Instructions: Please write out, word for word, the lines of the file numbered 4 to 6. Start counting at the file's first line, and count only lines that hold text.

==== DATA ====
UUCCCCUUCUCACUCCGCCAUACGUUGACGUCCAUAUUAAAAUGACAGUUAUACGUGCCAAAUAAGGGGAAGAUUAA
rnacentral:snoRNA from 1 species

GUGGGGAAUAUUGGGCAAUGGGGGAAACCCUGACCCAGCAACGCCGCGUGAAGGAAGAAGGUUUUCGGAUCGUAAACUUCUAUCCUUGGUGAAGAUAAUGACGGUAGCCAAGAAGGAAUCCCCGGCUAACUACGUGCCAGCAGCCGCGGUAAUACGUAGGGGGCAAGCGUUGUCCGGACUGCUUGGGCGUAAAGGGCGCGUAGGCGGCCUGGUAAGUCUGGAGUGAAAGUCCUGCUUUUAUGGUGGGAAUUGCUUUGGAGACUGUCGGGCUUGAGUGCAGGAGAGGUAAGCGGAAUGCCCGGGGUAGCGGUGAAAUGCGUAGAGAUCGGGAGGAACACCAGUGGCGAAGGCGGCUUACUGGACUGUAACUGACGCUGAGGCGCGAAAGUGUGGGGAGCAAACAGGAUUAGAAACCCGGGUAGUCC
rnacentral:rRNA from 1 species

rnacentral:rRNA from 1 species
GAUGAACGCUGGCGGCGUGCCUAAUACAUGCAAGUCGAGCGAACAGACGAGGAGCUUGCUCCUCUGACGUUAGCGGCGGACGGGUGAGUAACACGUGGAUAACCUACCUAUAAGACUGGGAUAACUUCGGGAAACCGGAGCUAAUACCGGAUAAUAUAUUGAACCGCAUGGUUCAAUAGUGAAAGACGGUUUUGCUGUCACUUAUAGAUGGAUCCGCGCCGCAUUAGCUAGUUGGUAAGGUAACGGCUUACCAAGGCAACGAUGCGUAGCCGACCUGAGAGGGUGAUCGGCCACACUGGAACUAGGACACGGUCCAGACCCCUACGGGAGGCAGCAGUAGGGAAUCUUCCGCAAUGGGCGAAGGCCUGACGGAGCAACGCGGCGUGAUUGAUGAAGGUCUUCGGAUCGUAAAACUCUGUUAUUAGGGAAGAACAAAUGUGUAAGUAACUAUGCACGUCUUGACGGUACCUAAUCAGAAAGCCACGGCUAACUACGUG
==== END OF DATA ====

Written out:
rnacentral:rRNA from 1 species

rnacentral:rRNA from 1 species
GAUGAACGCUGGCGGCGUGCCUAAUACAUGCAAGUCGAGCGAACAGACGAGGAGCUUGCUCCUCUGACGUUAGCGGCGGACGGGUGAGUAACACGUGGAUAACCUACCUAUAAGACUGGGAUAACUUCGGGAAACCGGAGCUAAUACCGGAUAAUAUAUUGAACCGCAUGGUUCAAUAGUGAAAGACGGUUUUGCUGUCACUUAUAGAUGGAUCCGCGCCGCAUUAGCUAGUUGGUAAGGUAACGGCUUACCAAGGCAACGAUGCGUAGCCGACCUGAGAGGGUGAUCGGCCACACUGGAACUAGGACACGGUCCAGACCCCUACGGGAGGCAGCAGUAGGGAAUCUUCCGCAAUGGGCGAAGGCCUGACGGAGCAACGCGGCGUGAUUGAUGAAGGUCUUCGGAUCGUAAAACUCUGUUAUUAGGGAAGAACAAAUGUGUAAGUAACUAUGCACGUCUUGACGGUACCUAAUCAGAAAGCCACGGCUAACUACGUG